Insider Trading: Should it be abolished?
Insider trading is defined as “ trading whilst in possession of non-public information and if known to the public, may lead to a substantial movement in a security’s price” . In Australia it is prohibited by insider trading regulation (IT regulations) in the Corporations Law (CL) 1991 , though it was initially established from recommendations made by the Rae committee in 1974 on the mining company scandals . The latest law changed one single section to 20 wide and complex sections, causing critique of Australia IT regulations . Henry G Manne argued that IT regulations should be abolished supported by three basic economic arguments. This essay will examine the pro and contra of each argument and shows that IT regulations have spoiled the notion of fairness at the expense of efficiency, despite the objective of any securities markets regulation to promote both aspects .
1. Insider trading could compensate corporate entrepreneurs . Pro and Contra
This argument is supported by Carlton and Fischel who argued that the IT regulations are the same with setting government regulation of terms and conditions of employment; similar to restrict salary bonuses, stock options, vacation leave, and the others which can motivate management for their entrepreneurial skills . However their assumptions ignore the difference between the volatile share price and a certain amount of normal compensation. As argued by Easterbrook, where there is a volatile share price, the management compensation argument reverts into a “lottery-ticket argument” . Because in the volatile share price, even informed traders will hardly predict the increase or decrease of share price in the future. The high fluctuation equalizes the possibility of losing their investment and getting profit, which as called ‘compensation’. From the two extremes, It can be concluded that compensation argument can be valid if the share price is relatively stable otherwise not all insiders can get their compensation through insider trading.
Director’s fiduciary duty to Shareholder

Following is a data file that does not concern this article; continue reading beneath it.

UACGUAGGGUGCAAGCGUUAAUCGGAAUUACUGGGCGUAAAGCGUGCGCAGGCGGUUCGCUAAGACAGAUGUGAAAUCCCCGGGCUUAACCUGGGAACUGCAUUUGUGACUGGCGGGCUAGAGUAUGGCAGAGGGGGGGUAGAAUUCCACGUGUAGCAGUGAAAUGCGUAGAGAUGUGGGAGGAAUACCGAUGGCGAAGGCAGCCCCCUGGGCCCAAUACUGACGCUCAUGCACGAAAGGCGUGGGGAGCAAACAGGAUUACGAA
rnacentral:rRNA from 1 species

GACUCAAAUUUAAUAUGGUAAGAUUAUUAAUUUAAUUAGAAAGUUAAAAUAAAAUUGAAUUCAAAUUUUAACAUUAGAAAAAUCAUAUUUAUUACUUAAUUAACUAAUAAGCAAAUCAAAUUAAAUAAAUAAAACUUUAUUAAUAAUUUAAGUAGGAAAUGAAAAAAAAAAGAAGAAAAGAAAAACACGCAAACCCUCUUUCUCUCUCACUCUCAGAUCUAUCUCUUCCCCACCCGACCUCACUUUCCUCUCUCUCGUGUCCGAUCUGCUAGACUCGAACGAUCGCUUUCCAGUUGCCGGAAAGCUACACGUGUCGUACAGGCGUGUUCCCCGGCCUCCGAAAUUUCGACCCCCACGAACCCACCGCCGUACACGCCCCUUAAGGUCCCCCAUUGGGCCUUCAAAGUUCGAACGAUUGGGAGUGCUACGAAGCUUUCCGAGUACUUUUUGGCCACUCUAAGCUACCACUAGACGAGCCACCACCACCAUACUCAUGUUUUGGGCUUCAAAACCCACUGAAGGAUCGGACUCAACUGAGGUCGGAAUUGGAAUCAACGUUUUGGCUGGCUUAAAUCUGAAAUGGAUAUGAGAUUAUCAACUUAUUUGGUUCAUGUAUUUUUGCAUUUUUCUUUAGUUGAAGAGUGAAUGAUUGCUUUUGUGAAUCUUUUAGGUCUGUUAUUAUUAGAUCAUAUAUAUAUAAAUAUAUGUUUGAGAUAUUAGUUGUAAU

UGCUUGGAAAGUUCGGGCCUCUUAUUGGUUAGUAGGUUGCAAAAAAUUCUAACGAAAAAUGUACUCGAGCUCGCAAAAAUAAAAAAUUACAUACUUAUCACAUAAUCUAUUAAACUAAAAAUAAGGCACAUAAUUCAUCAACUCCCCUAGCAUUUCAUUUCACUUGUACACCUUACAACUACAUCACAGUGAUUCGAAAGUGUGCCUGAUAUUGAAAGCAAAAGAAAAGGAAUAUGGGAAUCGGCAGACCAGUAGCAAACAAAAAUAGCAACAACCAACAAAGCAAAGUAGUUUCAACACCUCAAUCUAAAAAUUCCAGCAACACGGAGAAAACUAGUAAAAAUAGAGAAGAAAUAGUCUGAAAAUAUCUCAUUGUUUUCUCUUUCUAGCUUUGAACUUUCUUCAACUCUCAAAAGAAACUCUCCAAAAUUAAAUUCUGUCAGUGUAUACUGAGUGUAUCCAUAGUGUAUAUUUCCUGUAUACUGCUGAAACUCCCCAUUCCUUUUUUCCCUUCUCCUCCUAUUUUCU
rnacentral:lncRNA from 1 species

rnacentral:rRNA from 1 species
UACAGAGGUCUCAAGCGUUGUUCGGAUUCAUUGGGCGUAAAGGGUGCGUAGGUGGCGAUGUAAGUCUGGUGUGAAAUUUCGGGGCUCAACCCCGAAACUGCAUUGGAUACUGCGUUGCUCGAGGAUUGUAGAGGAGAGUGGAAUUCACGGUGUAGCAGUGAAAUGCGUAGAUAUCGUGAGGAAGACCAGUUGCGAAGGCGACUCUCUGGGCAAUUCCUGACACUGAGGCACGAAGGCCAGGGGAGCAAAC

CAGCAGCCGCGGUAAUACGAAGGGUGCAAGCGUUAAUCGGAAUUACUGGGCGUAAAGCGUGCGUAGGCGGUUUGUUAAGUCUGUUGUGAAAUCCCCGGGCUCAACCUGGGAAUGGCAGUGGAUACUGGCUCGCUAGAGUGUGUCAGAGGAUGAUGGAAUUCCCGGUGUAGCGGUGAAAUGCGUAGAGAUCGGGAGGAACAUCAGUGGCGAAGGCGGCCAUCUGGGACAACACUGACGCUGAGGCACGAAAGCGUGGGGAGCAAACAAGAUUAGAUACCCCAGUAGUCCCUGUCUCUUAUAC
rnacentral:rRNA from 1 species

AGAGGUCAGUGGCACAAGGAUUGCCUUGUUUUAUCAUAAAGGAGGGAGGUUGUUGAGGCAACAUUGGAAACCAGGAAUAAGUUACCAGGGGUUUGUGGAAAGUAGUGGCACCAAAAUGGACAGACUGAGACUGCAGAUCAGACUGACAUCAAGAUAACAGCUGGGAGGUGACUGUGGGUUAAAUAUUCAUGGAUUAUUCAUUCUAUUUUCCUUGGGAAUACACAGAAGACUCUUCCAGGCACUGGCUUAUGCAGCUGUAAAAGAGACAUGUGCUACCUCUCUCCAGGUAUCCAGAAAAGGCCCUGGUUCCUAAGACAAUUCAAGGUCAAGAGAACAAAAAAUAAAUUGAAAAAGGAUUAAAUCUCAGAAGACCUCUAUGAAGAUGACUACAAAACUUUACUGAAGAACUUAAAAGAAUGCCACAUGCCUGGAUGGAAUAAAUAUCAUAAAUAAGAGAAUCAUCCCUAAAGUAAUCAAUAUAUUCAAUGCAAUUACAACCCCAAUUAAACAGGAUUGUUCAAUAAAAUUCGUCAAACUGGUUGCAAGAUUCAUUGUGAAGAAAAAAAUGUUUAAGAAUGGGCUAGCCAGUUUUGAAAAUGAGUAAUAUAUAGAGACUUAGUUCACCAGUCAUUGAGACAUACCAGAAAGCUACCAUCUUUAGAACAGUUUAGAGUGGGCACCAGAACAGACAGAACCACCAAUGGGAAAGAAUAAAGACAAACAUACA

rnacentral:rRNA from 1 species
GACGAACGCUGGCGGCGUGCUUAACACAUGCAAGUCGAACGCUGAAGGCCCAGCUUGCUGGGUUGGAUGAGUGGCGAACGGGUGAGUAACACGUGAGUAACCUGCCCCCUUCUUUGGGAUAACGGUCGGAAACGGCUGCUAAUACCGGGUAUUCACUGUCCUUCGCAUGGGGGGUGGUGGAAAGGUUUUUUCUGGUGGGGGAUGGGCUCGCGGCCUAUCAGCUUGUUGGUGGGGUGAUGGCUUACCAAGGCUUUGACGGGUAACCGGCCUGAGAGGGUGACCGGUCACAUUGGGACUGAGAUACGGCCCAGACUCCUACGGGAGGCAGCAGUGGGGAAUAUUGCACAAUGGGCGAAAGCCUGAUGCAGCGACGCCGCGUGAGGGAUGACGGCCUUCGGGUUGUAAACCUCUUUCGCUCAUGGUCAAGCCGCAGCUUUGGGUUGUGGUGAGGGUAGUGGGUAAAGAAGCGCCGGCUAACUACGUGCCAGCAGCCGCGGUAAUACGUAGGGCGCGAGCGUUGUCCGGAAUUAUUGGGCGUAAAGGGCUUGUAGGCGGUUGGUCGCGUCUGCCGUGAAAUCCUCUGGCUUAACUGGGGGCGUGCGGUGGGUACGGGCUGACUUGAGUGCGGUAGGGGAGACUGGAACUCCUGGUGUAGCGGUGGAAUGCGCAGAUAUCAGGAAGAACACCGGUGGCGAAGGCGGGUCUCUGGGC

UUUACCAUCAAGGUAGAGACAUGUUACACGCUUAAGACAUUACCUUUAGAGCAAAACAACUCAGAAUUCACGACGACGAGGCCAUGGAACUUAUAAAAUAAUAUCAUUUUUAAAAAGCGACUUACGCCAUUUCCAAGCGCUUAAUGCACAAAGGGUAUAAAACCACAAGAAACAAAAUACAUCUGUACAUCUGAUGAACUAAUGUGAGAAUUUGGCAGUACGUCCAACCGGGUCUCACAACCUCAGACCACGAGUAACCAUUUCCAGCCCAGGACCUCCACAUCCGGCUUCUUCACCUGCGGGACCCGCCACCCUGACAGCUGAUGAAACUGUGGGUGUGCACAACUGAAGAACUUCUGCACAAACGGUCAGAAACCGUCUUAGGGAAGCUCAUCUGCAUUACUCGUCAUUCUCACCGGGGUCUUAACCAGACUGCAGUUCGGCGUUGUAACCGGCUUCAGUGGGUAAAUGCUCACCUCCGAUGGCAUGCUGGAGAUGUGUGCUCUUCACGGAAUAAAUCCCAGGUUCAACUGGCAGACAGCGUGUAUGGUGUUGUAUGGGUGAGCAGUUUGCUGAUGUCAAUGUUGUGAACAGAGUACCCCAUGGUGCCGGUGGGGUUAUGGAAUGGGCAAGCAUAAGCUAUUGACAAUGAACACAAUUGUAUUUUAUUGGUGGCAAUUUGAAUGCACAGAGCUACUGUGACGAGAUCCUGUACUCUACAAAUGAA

However, if IT regulation were only applied for a liquid market, what is the role of fiduciary duty? In Exicom’s case fiduciary argument was established where persons who are subject to a legal relationship of trust and confidence, arising from either a prior relationship with the securities issuer (typically directors, employees and corporate agents) or the other party to trade should not make a profit from that position or allow a conflict of interest to arise. Moore supports IT regulation on the basis of fiduciary duty. He reasons that directors have some fiduciary duty to their shareholder to fully disclose all information they could benefit from. His idea is supported by the fact that although there is no general principal that directors owe fiduciary duty to shareholders (in addition to the company), with the purpose to prevent directors when in the position of holding confidential information to spread the it to outsiders , such duty in recognized in Hooker’s case .
Insider trading as a compensation for corporate executive is argued only happened in a stable market where they can use the information to predict the trend otherwise the profit compensation turn to be a lottery compensation. Here fiduciary duty of the insiders is questioned where in Hooker’s case it is possible that directors owe fiduciary duty to shareholder although there is no general principal on it.
2. Insider Trading Contributes to Market Efficiency
Pro from Leland and Estrada
Manne argued that ‘allowing an unfettered market in information will have salutary effects unheard of in connection with regulatory “disclosure”’ . Recently, Leland and Estrada also stated similar idea that insider trading contributes to market efficiency through signaling where signal-trading by insiders pushed share price more quickly towards its equilibrium price.
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